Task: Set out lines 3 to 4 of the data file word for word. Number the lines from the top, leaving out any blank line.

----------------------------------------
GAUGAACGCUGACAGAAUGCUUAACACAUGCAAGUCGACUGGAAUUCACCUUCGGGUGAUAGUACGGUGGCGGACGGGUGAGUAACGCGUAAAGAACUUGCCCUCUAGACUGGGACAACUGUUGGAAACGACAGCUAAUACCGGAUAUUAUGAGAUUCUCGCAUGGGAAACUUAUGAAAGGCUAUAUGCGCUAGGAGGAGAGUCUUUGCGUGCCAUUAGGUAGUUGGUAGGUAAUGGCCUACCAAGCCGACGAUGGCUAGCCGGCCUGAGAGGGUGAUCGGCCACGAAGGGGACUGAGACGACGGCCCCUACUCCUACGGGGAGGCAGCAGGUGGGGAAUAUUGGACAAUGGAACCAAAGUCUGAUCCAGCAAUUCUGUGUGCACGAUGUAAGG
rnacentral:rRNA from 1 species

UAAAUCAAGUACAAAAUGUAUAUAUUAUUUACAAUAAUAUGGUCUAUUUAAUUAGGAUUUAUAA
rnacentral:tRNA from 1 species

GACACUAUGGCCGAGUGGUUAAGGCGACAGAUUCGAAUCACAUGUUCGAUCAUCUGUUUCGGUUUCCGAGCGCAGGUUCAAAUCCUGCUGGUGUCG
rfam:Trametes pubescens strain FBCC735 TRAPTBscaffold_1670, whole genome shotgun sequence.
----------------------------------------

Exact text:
UAAAUCAAGUACAAAAUGUAUAUAUUAUUUACAAUAAUAUGGUCUAUUUAAUUAGGAUUUAUAA
rnacentral:tRNA from 1 species